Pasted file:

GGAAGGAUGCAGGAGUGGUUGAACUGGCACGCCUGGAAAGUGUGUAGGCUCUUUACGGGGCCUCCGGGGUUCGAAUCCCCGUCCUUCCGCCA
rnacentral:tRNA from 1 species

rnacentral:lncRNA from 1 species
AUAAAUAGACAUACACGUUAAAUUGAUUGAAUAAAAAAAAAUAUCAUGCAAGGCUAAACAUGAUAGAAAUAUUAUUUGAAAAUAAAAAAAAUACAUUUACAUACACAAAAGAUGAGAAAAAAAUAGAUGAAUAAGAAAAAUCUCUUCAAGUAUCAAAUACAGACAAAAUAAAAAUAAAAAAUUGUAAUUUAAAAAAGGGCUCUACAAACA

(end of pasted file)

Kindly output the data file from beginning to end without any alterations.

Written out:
GGAAGGAUGCAGGAGUGGUUGAACUGGCACGCCUGGAAAGUGUGUAGGCUCUUUACGGGGCCUCCGGGGUUCGAAUCCCCGUCCUUCCGCCA
rnacentral:tRNA from 1 species

rnacentral:lncRNA from 1 species
AUAAAUAGACAUACACGUUAAAUUGAUUGAAUAAAAAAAAAUAUCAUGCAAGGCUAAACAUGAUAGAAAUAUUAUUUGAAAAUAAAAAAAAUACAUUUACAUACACAAAAGAUGAGAAAAAAAUAGAUGAAUAAGAAAAAUCUCUUCAAGUAUCAAAUACAGACAAAAUAAAAAUAAAAAAUUGUAAUUUAAAAAAGGGCUCUACAAACA